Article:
Shanah Tovah


Although I usually write about marketing topics, I thought I’d take this opportunity to wish those of you who celebrate it a happy, healthy Rosh HaShanah and may you all be written in the Book of Life.

For those of you who fast on Yom Kippur, I hope you have an easy fast. Don’t forget to break your fast with a light meal so your stomach doesn’t protest!

Back to marketing topics next week.

Should Holiday Business Gifts Be Imprinted?

After the gifts have been chosen, the big question is all about the imprint. Although holiday gifts are a marketing channel, this is one of the few times that less is more when it comes to splashing your logo on the gift item. Even though holiday
gifts are a marketing tool, they are really about showing appreciation to the people who make and keep your business successful, not about advertising. With that in mind, there are several options when it comes to imprinting your business holiday gifts.

1) A tone-on-tone imprint or, if the material permits, emboss or engrave it. The logo will be there, but it will be subtle and will not scream, “I am an advertisement.”

2) Imprint a message to your recipients instead of your logo. Perhaps, something in line with the spirit in which the gift is given or a saying that is appropriate to the gift itself. For instance, if you are giving a wine themed gift, a toast imprinted on the gift or box would be perfectly acceptable and maybe even fun.

3) If the type of gift allows, consider personalizing each gift with the recipient’s name or initials. That person will certainly appreciate the additional thought put into the gift and will always remember who gave it to them. While some personalized items are more costly, a nice quality pen for $5.00 or less per person is always an option.

4) No imprint on the gift at all. Put your message and logo on a card enclosed with the gift or on the ribbon around the package. Just as you will remember the special gift that your Aunt Millie gave you when you were a kid, your recipients
will remember you when looking at the gift you chose for them.

Need ideas to make this year’s business gift giving so successful that your recipients will work for your continued success because they will be looking forward to what you come up with next year? Give us a call at 619-697-2045, or e-mail us at to set an appointment with a Marketing Solutions Specialist, or go to Holiday Gift Catalog for a sampling of holiday business gift ideas.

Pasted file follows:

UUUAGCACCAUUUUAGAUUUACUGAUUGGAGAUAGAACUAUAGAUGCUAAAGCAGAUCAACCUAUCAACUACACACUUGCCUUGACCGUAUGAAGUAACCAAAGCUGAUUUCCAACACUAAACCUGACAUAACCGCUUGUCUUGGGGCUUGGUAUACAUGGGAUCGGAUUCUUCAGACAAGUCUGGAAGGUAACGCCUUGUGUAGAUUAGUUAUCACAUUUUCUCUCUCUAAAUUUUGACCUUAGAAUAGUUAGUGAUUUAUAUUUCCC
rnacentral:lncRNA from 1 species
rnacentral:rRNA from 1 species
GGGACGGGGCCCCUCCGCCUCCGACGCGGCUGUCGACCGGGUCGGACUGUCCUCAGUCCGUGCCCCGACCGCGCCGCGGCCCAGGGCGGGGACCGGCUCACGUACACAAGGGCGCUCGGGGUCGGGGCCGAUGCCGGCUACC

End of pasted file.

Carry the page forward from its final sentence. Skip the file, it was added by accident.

Business Planning – More Critical than Ever


As I write this, the stock market is up…. sorry it’s
down… oops, I mean up…. no, it’s down….. Yup, we are once again on that
wacky roller coaster ride called, “The Economy.”

While many businesses see this rock ‘n’ roll economy as a
reason to cut back or eliminate marketing, I contend that is a knee-jerk
response which will probably cause more problems than add to the bottom line.

With businesses (large and small) failing, cutting back on
marketing means less exposure to your customers and prospects. If you are less
visible, that gives the impression that: a) you are not doing well and may soon
be out of business or b) you’ve already gone out of business. Either way,
people will start to look for other options to meet the needs that you have
provided in the past as a safety net. If they are looking elsewhere, they may
start buying elsewhere. If they start buying elsewhere, your revenues go down.

Statistics show that approximately 80% of companies that cut
back or eliminated their marketing budget during the Great Depression were out
of business within three years of the economy turning around. Those same
statistics show that the approximately 80% of the companies that maintained or
increased their marketing efforts not only picked up market share, but were
still in business five years after the depression ended.

One great example of this is Grape Nuts. The first
ready-to-eat cold cereal in the marketplace, Grape Nuts owned the cold cereal
category from its invention in 1897 up through the Great Depression. When Post,
the parent company of Grape Nuts found itself
strapped for cash,  they cut their
advertising budget, assuming that their hold on the market would stay tight. In
1933, the Kellogg company started actively advertising its various brands of
breakfast cereal, doubling its spending on advertising. Grape Nuts sales went
down and the Kellogg family of cereals sales went up dramatically. While Post
is still in business, and Grape Nuts can still be found on supermarket shelves,
which cereal companies has better recognition to this day?

With an example like that to spur you on, what are you
actively doing today to market and grow your business?